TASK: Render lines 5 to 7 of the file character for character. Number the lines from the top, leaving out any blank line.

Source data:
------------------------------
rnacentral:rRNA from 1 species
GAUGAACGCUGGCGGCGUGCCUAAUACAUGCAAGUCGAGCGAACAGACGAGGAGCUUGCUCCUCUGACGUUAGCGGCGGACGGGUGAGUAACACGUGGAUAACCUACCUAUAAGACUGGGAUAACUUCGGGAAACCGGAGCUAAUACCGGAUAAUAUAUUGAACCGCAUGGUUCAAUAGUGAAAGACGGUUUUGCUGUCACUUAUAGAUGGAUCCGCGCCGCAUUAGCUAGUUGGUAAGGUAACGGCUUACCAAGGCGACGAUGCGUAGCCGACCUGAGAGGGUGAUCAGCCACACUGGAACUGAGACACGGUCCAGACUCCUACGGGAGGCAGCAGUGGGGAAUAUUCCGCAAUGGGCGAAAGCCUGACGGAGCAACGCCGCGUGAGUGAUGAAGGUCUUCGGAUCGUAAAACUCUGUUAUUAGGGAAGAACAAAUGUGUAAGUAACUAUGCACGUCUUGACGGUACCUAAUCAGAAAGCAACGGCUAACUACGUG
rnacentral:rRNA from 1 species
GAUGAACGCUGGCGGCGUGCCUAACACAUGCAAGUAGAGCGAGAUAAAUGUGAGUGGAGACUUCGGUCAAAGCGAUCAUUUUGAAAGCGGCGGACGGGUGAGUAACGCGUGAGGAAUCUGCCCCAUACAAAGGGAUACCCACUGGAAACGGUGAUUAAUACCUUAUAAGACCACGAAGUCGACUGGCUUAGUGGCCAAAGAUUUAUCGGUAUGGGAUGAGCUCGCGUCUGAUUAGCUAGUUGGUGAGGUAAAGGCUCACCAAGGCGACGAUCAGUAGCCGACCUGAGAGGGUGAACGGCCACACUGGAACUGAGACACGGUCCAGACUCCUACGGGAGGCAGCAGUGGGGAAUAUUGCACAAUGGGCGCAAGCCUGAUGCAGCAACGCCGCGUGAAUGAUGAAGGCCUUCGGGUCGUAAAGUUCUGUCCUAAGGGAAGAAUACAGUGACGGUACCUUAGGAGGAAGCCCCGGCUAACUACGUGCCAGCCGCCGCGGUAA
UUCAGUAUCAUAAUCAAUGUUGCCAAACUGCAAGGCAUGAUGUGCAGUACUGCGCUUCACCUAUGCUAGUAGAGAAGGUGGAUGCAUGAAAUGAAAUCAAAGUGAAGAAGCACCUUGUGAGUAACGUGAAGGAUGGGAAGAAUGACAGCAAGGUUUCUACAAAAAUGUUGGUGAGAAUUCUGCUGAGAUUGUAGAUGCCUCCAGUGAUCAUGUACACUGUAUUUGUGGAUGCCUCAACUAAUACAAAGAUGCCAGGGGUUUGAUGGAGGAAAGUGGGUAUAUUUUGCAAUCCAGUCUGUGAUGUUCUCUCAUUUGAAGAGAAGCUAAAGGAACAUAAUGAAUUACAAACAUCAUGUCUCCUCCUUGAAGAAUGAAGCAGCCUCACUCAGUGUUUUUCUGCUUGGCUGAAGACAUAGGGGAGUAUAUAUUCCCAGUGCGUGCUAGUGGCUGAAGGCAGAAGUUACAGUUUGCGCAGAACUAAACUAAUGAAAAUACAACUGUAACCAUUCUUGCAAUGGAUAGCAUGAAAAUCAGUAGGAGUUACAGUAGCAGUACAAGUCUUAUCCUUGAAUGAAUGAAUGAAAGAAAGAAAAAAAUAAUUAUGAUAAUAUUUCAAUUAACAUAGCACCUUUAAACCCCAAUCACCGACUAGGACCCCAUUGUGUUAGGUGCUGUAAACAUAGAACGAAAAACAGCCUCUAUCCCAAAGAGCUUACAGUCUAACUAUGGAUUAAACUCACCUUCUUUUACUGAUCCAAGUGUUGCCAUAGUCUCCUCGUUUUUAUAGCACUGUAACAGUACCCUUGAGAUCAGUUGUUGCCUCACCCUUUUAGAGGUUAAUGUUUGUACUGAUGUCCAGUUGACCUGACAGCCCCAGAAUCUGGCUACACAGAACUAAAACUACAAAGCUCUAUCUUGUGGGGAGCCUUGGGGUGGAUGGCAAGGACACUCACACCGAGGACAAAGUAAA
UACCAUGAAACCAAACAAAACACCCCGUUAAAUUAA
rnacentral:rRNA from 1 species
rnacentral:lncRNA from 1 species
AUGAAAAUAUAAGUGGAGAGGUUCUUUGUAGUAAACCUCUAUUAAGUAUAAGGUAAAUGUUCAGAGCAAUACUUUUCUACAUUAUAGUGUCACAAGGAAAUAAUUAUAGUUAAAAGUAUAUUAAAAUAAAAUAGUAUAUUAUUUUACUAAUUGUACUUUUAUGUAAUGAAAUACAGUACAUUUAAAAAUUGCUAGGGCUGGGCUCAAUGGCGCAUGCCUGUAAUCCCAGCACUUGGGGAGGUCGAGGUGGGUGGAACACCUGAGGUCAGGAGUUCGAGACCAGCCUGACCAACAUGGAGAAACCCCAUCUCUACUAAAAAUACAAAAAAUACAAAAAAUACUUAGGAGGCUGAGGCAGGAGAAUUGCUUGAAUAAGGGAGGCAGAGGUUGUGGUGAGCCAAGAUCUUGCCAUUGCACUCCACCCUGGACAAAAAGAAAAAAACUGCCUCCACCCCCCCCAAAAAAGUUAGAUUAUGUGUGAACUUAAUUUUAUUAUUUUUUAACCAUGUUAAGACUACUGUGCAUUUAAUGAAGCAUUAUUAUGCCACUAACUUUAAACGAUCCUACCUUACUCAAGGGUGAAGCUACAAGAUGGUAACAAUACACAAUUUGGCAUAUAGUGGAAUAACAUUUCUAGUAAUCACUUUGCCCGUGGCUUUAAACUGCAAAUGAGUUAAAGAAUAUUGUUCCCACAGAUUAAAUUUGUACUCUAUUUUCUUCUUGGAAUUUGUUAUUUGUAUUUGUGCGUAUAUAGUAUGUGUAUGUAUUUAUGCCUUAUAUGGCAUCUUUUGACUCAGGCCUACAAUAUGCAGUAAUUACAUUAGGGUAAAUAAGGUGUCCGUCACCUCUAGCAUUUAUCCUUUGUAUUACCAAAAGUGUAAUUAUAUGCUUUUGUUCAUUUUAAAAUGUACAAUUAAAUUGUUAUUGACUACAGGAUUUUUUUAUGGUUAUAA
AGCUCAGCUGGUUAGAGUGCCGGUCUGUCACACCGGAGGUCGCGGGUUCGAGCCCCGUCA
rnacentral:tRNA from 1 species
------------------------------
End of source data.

UUCAGUAUCAUAAUCAAUGUUGCCAAACUGCAAGGCAUGAUGUGCAGUACUGCGCUUCACCUAUGCUAGUAGAGAAGGUGGAUGCAUGAAAUGAAAUCAAAGUGAAGAAGCACCUUGUGAGUAACGUGAAGGAUGGGAAGAAUGACAGCAAGGUUUCUACAAAAAUGUUGGUGAGAAUUCUGCUGAGAUUGUAGAUGCCUCCAGUGAUCAUGUACACUGUAUUUGUGGAUGCCUCAACUAAUACAAAGAUGCCAGGGGUUUGAUGGAGGAAAGUGGGUAUAUUUUGCAAUCCAGUCUGUGAUGUUCUCUCAUUUGAAGAGAAGCUAAAGGAACAUAAUGAAUUACAAACAUCAUGUCUCCUCCUUGAAGAAUGAAGCAGCCUCACUCAGUGUUUUUCUGCUUGGCUGAAGACAUAGGGGAGUAUAUAUUCCCAGUGCGUGCUAGUGGCUGAAGGCAGAAGUUACAGUUUGCGCAGAACUAAACUAAUGAAAAUACAACUGUAACCAUUCUUGCAAUGGAUAGCAUGAAAAUCAGUAGGAGUUACAGUAGCAGUACAAGUCUUAUCCUUGAAUGAAUGAAUGAAAGAAAGAAAAAAAUAAUUAUGAUAAUAUUUCAAUUAACAUAGCACCUUUAAACCCCAAUCACCGACUAGGACCCCAUUGUGUUAGGUGCUGUAAACAUAGAACGAAAAACAGCCUCUAUCCCAAAGAGCUUACAGUCUAACUAUGGAUUAAACUCACCUUCUUUUACUGAUCCAAGUGUUGCCAUAGUCUCCUCGUUUUUAUAGCACUGUAACAGUACCCUUGAGAUCAGUUGUUGCCUCACCCUUUUAGAGGUUAAUGUUUGUACUGAUGUCCAGUUGACCUGACAGCCCCAGAAUCUGGCUACACAGAACUAAAACUACAAAGCUCUAUCUUGUGGGGAGCCUUGGGGUGGAUGGCAAGGACACUCACACCGAGGACAAAGUAAA
UACCAUGAAACCAAACAAAACACCCCGUUAAAUUAA
rnacentral:rRNA from 1 species